The Postal Service (USPS) reported a net loss of only $82 million during the second quarter of 2021 on total revenue of approximately $18.9 billion according to its latest financial results.
While that may sound unimpressive, consider that the Postal Service reported a net loss of $4.5 billion for the same quarter last year amidst the COVID-19 pandemic. Total revenue increased approximately 6% over the same time period last year.
The Postal Service said that excluding non-cash workers’ compensation adjustments for each period, the loss for the 2021 second quarter would have been approximately $1.7 billion, compared to a loss of approximately $1.9 billion for the same quarter last year.
According to its press release, “Loss excluding workers’ compensation adjustments is defined as net loss, adjusted for workers’ compensation expenses caused by actuarial revaluation and discount rate changes, which are outside of management’s control. These adjustments include workers’ compensation expenses caused by actuarial revaluation and discount rate changes, and the amortization of Postal Service Retiree Health Benefits Fund (PSRHBF), Civil Service Retirement System (CSRS) and Federal Employee Retirement System (FERS) unfunded liabilities which can fluctuate due to projected interest rates and inflation.”
Revenue in the Shipping and Packages division increased sharply during the quarter. Revenue grew by $2.0 billion (33.6%) on a volume increase of 376 million pieces (25.3%) compared to the same quarter last year thanks to the surge in e-commerce associated with the COVID-19 pandemic. However, the Postal Service cautioned that it expects this strong growth to partially subside as the economy continues to recover from the pandemic. It also noted that this division of its business produces a lower contribution margin per revenue dollar due to higher associated labor and transportation expenses.
However, sales from mail services, the largest sales category for USPS, declined steadily during Q2 2021 due to the pandemic, and to a lesser extent, secular mail declines. Marketing Mail revenue declined by $511 million (13.7%) on a volume decline of approximately 2.3 billion pieces (13.5%) over the same quarter last year. First-Class Mail revenue decreased by $390 million (6.1%) on a volume decline of approximately 1.1 billion pieces (7.9%).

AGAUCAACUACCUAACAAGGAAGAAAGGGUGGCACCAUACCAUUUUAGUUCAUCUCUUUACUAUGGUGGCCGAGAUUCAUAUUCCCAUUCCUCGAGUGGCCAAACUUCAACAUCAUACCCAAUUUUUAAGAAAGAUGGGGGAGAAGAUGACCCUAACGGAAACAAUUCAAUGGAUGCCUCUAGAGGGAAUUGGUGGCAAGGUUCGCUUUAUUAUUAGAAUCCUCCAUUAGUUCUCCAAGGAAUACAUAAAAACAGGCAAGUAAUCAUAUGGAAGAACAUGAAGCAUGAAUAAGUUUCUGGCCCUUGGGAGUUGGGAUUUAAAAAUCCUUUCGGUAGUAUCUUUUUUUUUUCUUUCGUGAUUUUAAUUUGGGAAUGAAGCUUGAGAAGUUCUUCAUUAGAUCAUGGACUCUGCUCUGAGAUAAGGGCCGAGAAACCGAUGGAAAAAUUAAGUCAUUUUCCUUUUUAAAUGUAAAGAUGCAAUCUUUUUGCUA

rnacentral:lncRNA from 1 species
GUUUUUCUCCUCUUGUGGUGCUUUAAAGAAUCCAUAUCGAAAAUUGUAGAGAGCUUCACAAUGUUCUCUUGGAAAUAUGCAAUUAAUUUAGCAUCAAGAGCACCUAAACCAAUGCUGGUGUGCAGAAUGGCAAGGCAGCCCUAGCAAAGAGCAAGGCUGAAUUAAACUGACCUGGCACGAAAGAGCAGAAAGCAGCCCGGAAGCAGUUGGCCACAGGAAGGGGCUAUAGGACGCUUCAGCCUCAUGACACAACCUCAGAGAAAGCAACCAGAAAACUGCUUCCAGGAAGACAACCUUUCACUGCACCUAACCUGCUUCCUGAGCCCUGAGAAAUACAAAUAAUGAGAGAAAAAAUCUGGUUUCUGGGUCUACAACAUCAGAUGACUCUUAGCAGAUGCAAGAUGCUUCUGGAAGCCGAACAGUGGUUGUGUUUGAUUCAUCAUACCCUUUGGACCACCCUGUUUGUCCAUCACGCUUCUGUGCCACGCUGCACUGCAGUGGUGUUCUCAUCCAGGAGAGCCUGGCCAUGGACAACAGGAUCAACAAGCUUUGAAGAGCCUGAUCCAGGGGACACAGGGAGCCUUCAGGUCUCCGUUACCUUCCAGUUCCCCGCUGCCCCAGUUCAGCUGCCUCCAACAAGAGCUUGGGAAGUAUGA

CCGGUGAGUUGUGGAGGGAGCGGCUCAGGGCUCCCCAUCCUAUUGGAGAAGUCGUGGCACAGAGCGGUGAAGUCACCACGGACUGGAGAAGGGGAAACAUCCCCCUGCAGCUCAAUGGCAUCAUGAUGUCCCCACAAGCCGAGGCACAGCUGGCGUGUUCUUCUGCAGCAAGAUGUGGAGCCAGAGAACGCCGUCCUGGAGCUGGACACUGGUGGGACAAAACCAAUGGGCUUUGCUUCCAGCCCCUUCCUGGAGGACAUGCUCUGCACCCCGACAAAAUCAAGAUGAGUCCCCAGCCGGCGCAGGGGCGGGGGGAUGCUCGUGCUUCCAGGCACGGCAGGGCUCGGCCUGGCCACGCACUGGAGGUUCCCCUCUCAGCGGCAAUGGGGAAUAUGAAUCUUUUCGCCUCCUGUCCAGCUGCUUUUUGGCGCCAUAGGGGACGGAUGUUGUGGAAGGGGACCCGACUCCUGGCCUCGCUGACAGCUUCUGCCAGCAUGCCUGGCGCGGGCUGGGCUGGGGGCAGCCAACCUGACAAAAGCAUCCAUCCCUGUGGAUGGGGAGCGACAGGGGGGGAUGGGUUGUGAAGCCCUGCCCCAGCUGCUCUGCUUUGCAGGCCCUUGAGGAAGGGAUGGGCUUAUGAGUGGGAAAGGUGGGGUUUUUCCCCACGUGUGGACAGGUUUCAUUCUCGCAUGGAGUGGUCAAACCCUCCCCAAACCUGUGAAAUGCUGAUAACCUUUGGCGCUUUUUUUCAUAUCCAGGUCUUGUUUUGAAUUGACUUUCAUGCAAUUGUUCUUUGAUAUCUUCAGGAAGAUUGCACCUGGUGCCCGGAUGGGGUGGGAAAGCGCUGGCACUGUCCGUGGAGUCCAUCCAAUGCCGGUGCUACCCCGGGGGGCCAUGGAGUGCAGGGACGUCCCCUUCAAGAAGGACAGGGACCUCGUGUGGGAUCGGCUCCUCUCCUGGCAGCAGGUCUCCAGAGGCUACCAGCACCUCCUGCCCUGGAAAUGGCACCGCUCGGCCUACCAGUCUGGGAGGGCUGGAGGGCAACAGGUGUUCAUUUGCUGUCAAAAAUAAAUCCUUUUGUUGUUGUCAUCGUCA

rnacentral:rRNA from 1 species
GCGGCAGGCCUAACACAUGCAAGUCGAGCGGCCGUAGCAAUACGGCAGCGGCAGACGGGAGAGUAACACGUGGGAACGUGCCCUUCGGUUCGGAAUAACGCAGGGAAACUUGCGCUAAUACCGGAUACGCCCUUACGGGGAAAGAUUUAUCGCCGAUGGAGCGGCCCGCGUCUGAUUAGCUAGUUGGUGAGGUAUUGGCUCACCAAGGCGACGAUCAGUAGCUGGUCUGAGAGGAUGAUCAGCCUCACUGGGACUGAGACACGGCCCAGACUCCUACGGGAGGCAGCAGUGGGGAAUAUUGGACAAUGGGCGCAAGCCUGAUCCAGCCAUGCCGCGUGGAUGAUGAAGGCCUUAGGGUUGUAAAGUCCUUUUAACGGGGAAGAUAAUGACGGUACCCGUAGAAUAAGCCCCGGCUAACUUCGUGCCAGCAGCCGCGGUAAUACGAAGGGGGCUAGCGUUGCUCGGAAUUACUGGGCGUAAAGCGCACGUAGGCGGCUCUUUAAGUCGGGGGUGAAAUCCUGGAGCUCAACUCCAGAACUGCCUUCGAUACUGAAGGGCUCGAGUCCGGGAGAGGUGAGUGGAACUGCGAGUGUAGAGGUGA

Compensation and benefits expenses increased by $517 million (4.4%) compared to the same quarter last year due primarily to higher work hours associated with the package volume growth, contractual wage increases and an increase in paid leave associated with the COVID-19 pandemic.
The Postal Service also said that its transportation expenses increased by $336 million (16.7%) primarily due to the impact of higher package volumes on air and highway transportation and shifts in average package dimensions as consumer behavior continues to evolve during the COVID-19 pandemic.
The Postal Service also stressed that its current financial situation highlights the need to implement its 10-year strategic plan, Delivering for America, which, among other things, proposes new investments back into the business in areas such as technology and its vehicle fleet, modernizing its delivery network, and making Medicare mandatory in retirement for current Postal employees.
“The financial results for the quarter and the ongoing trend of declining mail volume and increasing package volume highlights why our Delivering for America 10-year plan needs to be fully implemented,” said Chief Financial Officer Joseph Corbett.
“The plan delivers the framework for us to better innovate to grow revenue, work more efficiently and achieve financial sustainability to fulfil our universal service mission. If the plan is implemented in its totality, we expect to achieve break-even operating performance over the ten-year period and positive net income by FY 2023 or FY 2024, reversing $160 billion in projected losses over the next decade.”
National Association of Letter Carriers President Fredric Rolando said in a statement that the quarterly financial results are skewed artificially because of the pre-funding mandate for Postal retiree benefits:
The postal revenue increase over the same quarter last year drives home two points. The first is how much the American people and their businesses rely on the essential work of the Postal Service. During the pandemic, letter carriers have helped tens of millions of Americans shelter safely at home, after helping them vote safely from home. Secondly, the fact that despite the demonstrated strength of the postal business model USPS reported a net loss indicates the urgent need for postal reform to address the artificial red ink caused by the 2006 congressional mandate that the USPS–alone among all U.S. companies and agencies–pre-fund future retiree benefits.
Legislation was recently reintroduced in Congress to end the pre-funding mandate for USPS retiree health benefits. The Senators behind the bill said that the pre-funding requirement is “unfair” and that it causes “significant financial strain” for the Postal Service.